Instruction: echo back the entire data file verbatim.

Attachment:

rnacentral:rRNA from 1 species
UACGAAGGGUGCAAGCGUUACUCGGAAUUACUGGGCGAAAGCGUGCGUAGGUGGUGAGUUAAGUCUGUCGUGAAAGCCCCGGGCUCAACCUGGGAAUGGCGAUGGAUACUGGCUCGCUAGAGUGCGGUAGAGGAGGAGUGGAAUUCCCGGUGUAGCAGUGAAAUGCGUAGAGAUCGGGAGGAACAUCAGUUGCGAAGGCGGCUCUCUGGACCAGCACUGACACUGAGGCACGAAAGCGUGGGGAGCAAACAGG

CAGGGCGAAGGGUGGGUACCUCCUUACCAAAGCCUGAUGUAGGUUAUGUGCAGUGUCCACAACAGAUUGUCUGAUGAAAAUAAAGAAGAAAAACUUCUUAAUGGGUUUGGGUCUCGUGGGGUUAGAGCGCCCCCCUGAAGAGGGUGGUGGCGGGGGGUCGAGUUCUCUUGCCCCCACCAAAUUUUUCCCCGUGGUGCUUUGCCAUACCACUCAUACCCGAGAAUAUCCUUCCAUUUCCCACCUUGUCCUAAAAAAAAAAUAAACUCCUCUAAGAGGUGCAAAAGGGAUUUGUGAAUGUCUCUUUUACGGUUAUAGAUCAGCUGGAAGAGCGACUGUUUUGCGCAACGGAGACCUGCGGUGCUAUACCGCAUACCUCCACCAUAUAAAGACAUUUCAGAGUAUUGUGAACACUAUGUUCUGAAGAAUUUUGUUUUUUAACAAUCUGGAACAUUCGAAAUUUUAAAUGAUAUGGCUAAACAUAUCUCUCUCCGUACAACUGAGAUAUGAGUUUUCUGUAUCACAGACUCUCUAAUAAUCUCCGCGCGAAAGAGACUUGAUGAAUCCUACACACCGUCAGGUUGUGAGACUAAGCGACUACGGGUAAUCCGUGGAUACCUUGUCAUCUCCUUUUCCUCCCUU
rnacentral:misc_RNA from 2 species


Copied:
rnacentral:rRNA from 1 species
UACGAAGGGUGCAAGCGUUACUCGGAAUUACUGGGCGAAAGCGUGCGUAGGUGGUGAGUUAAGUCUGUCGUGAAAGCCCCGGGCUCAACCUGGGAAUGGCGAUGGAUACUGGCUCGCUAGAGUGCGGUAGAGGAGGAGUGGAAUUCCCGGUGUAGCAGUGAAAUGCGUAGAGAUCGGGAGGAACAUCAGUUGCGAAGGCGGCUCUCUGGACCAGCACUGACACUGAGGCACGAAAGCGUGGGGAGCAAACAGG

CAGGGCGAAGGGUGGGUACCUCCUUACCAAAGCCUGAUGUAGGUUAUGUGCAGUGUCCACAACAGAUUGUCUGAUGAAAAUAAAGAAGAAAAACUUCUUAAUGGGUUUGGGUCUCGUGGGGUUAGAGCGCCCCCCUGAAGAGGGUGGUGGCGGGGGGUCGAGUUCUCUUGCCCCCACCAAAUUUUUCCCCGUGGUGCUUUGCCAUACCACUCAUACCCGAGAAUAUCCUUCCAUUUCCCACCUUGUCCUAAAAAAAAAAUAAACUCCUCUAAGAGGUGCAAAAGGGAUUUGUGAAUGUCUCUUUUACGGUUAUAGAUCAGCUGGAAGAGCGACUGUUUUGCGCAACGGAGACCUGCGGUGCUAUACCGCAUACCUCCACCAUAUAAAGACAUUUCAGAGUAUUGUGAACACUAUGUUCUGAAGAAUUUUGUUUUUUAACAAUCUGGAACAUUCGAAAUUUUAAAUGAUAUGGCUAAACAUAUCUCUCUCCGUACAACUGAGAUAUGAGUUUUCUGUAUCACAGACUCUCUAAUAAUCUCCGCGCGAAAGAGACUUGAUGAAUCCUACACACCGUCAGGUUGUGAGACUAAGCGACUACGGGUAAUCCGUGGAUACCUUGUCAUCUCCUUUUCCUCCCUU
rnacentral:misc_RNA from 2 species